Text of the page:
Using this question as a guide I've been trying to calculate some distances based on RSSI values that I see in our lab. I filled in all the variables with actual data or approximations where necessary (just trying to make sure I understand the math before worrying about having perfect data) and plugging it in to Wolfram Alpha to see if it looks like what I think it should. Here is my Wolfram Alpha equation so far, with values following the exact sequence described in the linked question:

$$d=10^{\Big(\dfrac{-60-(-94)-(-63)-10 \times 2.7 \times \log_{10}2450 + 30 \times 2.7} {10 \times 2.7}\Big)}$$

I'm assuming $P_o=-60$ based on some graphs in this study, $Fm=-94$ based on the "Received Sensitivity (Typical)" stat of the device I'm using to measure the signal, the actual measured $Pr$, $n=2.7$ (a good, but not perfect, room), and $f=2450$ (I picked that value from the range supplied by the aforementioned question, but of all the values it is the one I'm least sure about and not sure at all how much it affects the overall equation).

I hope that makes sense, I only have a distant familiarity with this type of analysis (not being an engineer myself). I know enough math to keep up, just need to be sure I'm putting the right values into the right places.

EDIT: I suppose I should state the actual question. Am I doing this right? The equation above works out to a distance of about $3 \times 10^{14}$ units which (unless we're measuring pico-inches or some such tiny amount) doesn't make sense. I assume this is supposed to give me meters.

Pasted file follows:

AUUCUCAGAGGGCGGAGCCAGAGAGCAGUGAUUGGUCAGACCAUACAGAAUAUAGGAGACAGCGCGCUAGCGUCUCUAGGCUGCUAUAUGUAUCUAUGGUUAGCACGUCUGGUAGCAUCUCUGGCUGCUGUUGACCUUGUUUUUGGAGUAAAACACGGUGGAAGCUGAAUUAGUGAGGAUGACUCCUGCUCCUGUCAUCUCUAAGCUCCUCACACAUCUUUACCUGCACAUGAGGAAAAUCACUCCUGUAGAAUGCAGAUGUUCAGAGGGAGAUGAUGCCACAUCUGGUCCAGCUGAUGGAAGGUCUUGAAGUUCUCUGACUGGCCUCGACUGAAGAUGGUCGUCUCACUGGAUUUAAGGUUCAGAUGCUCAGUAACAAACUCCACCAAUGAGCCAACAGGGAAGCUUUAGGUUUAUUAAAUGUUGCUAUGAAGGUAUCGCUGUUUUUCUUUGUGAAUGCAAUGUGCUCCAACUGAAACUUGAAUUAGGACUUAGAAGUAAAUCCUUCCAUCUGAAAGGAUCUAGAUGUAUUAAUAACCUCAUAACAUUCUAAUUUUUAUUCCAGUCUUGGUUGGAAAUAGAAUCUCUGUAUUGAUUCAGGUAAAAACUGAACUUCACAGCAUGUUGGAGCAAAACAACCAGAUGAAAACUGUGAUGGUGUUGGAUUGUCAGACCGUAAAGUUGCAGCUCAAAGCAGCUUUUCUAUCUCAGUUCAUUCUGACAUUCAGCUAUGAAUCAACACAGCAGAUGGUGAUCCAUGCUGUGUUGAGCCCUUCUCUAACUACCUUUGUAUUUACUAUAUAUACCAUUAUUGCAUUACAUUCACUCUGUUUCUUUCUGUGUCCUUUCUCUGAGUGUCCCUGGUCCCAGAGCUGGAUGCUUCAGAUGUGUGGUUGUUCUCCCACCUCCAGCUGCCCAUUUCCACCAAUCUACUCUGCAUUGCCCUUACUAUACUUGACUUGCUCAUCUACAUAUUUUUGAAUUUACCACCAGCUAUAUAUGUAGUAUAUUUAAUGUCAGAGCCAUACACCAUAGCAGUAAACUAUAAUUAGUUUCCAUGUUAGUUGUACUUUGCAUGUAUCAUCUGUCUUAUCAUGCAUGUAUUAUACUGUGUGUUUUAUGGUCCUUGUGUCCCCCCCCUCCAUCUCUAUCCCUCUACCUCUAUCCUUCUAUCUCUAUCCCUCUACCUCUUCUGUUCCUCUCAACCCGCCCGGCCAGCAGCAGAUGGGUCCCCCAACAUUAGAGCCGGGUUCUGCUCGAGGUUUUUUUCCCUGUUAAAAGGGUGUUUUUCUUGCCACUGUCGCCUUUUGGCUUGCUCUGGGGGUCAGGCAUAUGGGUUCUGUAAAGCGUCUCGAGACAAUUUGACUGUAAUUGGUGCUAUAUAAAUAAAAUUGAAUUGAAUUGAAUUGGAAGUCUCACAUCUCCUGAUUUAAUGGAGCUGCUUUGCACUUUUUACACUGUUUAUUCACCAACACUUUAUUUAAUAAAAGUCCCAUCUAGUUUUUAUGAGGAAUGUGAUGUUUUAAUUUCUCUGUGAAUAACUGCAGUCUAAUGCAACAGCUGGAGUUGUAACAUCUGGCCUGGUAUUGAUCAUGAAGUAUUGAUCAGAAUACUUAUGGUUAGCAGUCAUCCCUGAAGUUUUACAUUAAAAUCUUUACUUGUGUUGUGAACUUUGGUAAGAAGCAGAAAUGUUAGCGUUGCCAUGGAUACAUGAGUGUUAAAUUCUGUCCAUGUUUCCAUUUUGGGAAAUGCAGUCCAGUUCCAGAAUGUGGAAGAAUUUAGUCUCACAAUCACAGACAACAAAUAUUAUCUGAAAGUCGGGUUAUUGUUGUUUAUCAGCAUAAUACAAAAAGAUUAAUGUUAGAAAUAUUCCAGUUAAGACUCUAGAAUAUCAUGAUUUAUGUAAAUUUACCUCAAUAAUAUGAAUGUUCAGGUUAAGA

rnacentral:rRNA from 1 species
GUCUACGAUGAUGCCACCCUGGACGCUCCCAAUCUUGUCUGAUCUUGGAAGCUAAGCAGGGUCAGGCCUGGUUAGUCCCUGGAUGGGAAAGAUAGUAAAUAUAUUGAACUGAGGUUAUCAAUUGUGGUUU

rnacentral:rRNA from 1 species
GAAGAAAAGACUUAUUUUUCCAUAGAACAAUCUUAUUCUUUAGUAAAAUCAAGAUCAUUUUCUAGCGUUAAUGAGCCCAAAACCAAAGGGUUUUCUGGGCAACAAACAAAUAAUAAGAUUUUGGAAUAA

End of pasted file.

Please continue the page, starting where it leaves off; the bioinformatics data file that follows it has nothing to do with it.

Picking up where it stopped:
For reference, here is the equation and explanation of variables from the question linked in the first sentence:

$$d=10^{\Big(\dfrac{P_0-F_m-P_r-10n \log_{10}(f) + 30n - 32.44}{10n}\Big)}$$

Where

• $F_m = \text{Fade Margin}$
• $N = \text{Path-Loss Exponent}$
• $P_o = \text{Signal power (dBm) at zero distance}$
• $P_r = \text{Signal power (dBm) at distance}$
• $F = \text{signal frequency in MHz}$
• RSSI is not a reliable method for calculating distance. – Matt Young May 22 '14 at 20:09
• While that is a commonly-known fact, it has not stopped people from developing relatively accurate positioning systems based on various types of wireless devices using this exact formula as a base calculation. If you have a comment that relates to my actual question (or perhaps a better formula for the situation described) please by all means share it, I'm looking for a confirmation that the math is correct. – thanby May 22 '14 at 20:38
• What's the formula you are using dude - I can only see the numbers. Did you check my answer to the question you have linked - it shows a much simplified formula. – Andy aka May 22 '14 at 20:39
• It's in the question I linked in the first sentence. I've now copied it to the body of this question for ease of viewing. – thanby May 22 '14 at 20:46
• No problem, @thanby. In some cases, the LaTeX formatting really improve readability of equations. It takes a while to understand how it works, but you can learn from looking at the source code that generates the equations in your post or from others (just click the edit button and discard the changes later). You'll get the idea. I enjoy fixing equations so I hunt for posts that could be improved in my spare time. – Ricardo May 23 '14 at 14:41